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Chitto Harjo and the Crazy Snakes (1846-1911)

This full-blood Muscogee Creek devoted his life to carrying out his role as tribal “gatekeeper.” Finally, he gave that life in doing so. He never capitulated to the U.S. government’s assimilation program for the Creeks and other Oklahoma tribes. He refused to accept a land allotment, he helped form a rump Creek government in defiance of the federal takeover of that authority, and he died beyond the reach of the U.S. authorities, from a gunshot wound suffered in a shootout with Oklahoma lawmen.


Famed Oklahoma historian Angie Debo chronicled how Harjo’s conflict ranged across racial lines. It encompassed whites, other Natives, and African American. Harjo died from the aforementioned shootout with white lawmen, he encouraged the beating of fellow Creeks who accepted their allotments, and he roared against the U.S. government allotting land to thousands of black former slaves of the Creeks, :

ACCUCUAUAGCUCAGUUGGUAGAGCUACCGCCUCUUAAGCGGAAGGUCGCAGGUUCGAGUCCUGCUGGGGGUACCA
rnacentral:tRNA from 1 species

“I hear the Government is cutting up my land and is giving it away to black people. I want to know if this is so. It can't be so for it is not in the treaty. These black people, who are they? They are negroes who came in here as slaves. They have no right to this land. It never was given to them. It was given to me and my people and we paid for it with our land back in Alabama. The black people have no right to it. Then can it be that the Government is giving it—my land—to the negro? I hear it is and they are selling it. This can't be so. It wouldn't be justice. I am informed and believe it to be true that some citizens of the United States have title to land that was given to my fathers and my people by the Government. If it was given to me, what right has the United States to take it from me without first asking my consent? That I would like to know. There are many things that I don't know and can't understand but I want to understand them if I can.” (Debo, p. 135, from harjo at Tulsa-partially copied below)


Muskogee Creek poet and journalist Alexander Posey lionized Harjo in ringing verse:


“Down with him, chain him, bind him fast, Slam the iron door and turn the key. The one time Creek, perhaps the last To dare declare "You have wronged me". Defiant, stoical, silent, Suffers imprisonment. Such coarse, black hair; such eagle eye; Such stately mien—how arrow-straight; Such will; such courage to defy The powerful makers of his fate. A traitor, outlaw—what you will, He is the noble red man still. Condemn him and his kind to shame, I bow to him, exalt his name.”

 
The Oklahomans Vol 1

The above article is a bonus to the fascinating historical content found within our book

Oklahomans Vol 1 :

Ancient-Statehood

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